Coping with climate change impacts in Tra Su Melaleuca forest, protecting vital ecosystem services for local communities
From 24 to 28 of April, researchers from Nong Lam University and University of Science Ho Chi Minh City, Viet Nam visited the Tra Su Melaleuca forest to interview the local communities and understand the resources they rely on within the wetland. Preliminary results of the Climate Change Vulnerability Assessment revealed that local livelihoods are highly reliant on the site’s resources. The findings will inform the development of climate change adaptation measures to strengthen local livelihoods and resilience.
Photo: ©Nong Lam University
Photo: Lotus Habitat ©Nong Lam University
Photo: Grassland Habitat © Nong Lam University
Photo: Breeding Season © Nong Lam University
The research is part of the “Climate Change Vulnerability of Tra Su Melaleuca Forest” small grant, supported by IUCN’s Mekong WET project. During their consultations, university researchers visited Vinh Trung, Van Giao, and O Long Vi communes, three of the poorest areas surrounding the protected landscape. Discussions with community members revealed that the majority rely on agriculture, particularly, rice farming and livestock husbandry as their main sources of income.
Individuals who do not own land have less stable incomes. Typical approaches to earning a living include opening small businesses such as food shops, working for landowners during the harvest seasons or leaving the rural area to find work in the cities. Ngoc, a community member from O Long Vi commune, collects basket clams (Corbiculidae) from the canals near her house. On average, she collects ten kilograms of the clams each day, and sells them at the local market, earning 100,000 Vietnamese Dong (about $4.50 USD). She uses this income to support her two granddaughters while her daughter works at an out-of-town factory.
These livelihoods only provide irregular income streams. To augment their needs, individuals will often illegally exploit resources in the Tra Su forest by catching fish, snakes, birds and gathering dead Melaleuca trunk, which is used for planting orchids. Recent cooperation between rangers and local communities has led to a decrease in the rates of poaching within the wetland. Ecotourism development, including the installation of a bamboo bridge and camera system, also serves as a deterrent, contributing to wildlife protection.
The results of the assessment have highlighted that climate change impacts will likely increase the difficulties that local people face. Future climate impacts are expected to decrease agricultural yields and increase people’s dependency on natural resources. This will affect the ability of local rangers and the management board of An Giang Protection and Special Use Forest to adequately protect the forest.
During the next component of the project, researchers will work with local stakeholders to develop livelihood alternatives to cope with climate change impacts. This is expected to increase the resilience of the ecosystem, local communities, and government.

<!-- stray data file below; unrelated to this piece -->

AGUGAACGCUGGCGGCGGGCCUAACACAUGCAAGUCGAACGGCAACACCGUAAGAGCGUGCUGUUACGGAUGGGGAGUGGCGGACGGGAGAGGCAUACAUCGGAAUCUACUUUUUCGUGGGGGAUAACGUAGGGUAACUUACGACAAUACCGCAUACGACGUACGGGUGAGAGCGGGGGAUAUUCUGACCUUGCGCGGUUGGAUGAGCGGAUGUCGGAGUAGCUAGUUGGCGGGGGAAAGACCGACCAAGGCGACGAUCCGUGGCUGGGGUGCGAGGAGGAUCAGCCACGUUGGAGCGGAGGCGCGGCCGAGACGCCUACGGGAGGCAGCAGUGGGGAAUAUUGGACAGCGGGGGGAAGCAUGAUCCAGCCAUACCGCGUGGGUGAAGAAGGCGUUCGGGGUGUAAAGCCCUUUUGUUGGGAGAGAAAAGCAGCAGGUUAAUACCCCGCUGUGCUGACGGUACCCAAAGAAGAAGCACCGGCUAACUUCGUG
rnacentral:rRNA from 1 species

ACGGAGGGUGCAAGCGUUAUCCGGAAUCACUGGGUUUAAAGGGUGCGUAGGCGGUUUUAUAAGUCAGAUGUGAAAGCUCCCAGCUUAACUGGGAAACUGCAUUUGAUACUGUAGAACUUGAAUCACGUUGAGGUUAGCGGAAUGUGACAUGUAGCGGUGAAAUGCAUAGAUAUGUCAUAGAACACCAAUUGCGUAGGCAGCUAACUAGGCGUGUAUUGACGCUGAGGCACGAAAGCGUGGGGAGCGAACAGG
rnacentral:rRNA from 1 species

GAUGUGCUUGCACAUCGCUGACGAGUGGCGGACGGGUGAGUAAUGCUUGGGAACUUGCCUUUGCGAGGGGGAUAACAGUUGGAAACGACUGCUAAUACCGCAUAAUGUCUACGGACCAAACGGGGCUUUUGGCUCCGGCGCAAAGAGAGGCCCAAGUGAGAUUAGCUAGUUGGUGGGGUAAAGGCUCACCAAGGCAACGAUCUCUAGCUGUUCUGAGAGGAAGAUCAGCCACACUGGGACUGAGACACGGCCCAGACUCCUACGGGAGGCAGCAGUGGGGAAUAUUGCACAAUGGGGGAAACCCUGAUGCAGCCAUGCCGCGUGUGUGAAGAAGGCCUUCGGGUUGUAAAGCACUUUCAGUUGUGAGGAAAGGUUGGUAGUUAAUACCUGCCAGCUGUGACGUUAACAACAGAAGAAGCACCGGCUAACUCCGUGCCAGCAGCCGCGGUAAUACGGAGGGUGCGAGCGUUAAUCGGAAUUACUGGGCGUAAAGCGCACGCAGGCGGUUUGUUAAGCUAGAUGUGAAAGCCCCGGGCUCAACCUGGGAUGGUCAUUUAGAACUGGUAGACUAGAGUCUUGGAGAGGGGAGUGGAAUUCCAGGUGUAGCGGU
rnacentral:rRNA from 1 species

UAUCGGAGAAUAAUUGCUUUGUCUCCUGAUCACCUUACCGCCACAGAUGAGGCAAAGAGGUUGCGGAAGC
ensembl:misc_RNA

Tra Su Melaleuca forest covers an area of 1,050 hectares and hosts 140 flora species and more than 81 fauna species. It was established as a protected landscape in 2005 and is separated from its surroundings by a dyke system, which supports water resource management. Since its establishment as a protected landscape, wild birds such as the grey-headed swamphen (Porphyrio poliocephalus) and the Asian openbill (Anastomus oscitans) have begun returning during the breeding season. The site’s diverse habitats, including Melaleuca forests, swamps, and grasslands, make it a unique attraction for domestic and international tourism. Tra Su welcomes more than 30,000 visitors annually, providing an additional source of income for local communities.
The Mekong WET Small Grants fund several wetlands projects in the Indo-Burma region. These initiatives are directly answering specific climate threats to wetland ecosystems, species, and communities using Ecosystem-based Adaptation strategies as the main approach.
Funded by the International Climate Initiative (IKI) of the German Federal Ministry for the Environment, Nature Conservation, Building and Nuclear Safety (BMUB), the “Mekong WET: Building Resilience of Wetlands in the Lower Mekong Region” project aims to build climate resilience by harnessing the benefits of wetlands in Cambodia, Lao PDR, Thailand, and Viet Nam.
Mekong WET will help the four countries to address their commitments to the Ramsar Convention, an international treaty for the conservation and sustainable use of wetlands, and to achieve the Aichi Biodiversity Targets.
The Indo-Burma Ramsar Regional Initiative (IBRRI) was jointly developed by the Ramsar National Focal Points of the five countries (Cambodia, Lao PDR, Myanmar, Thailand, and Viet Nam), and IUCN’s Asia Regional Office, based on specific needs identified in these countries. It was endorsed by the 52nd meeting of the Ramsar Convention Standing Committee in June 2016. The IBRRI aims to support the coordinated implementation of the objectives of the Strategic Plan of the Ramsar Convention. IUCN acts as the Secretariat for the Initiative under the leadership of the Steering Committee, which includes representatives from the five governments and the Ramsar Convention Secretariat as an observer.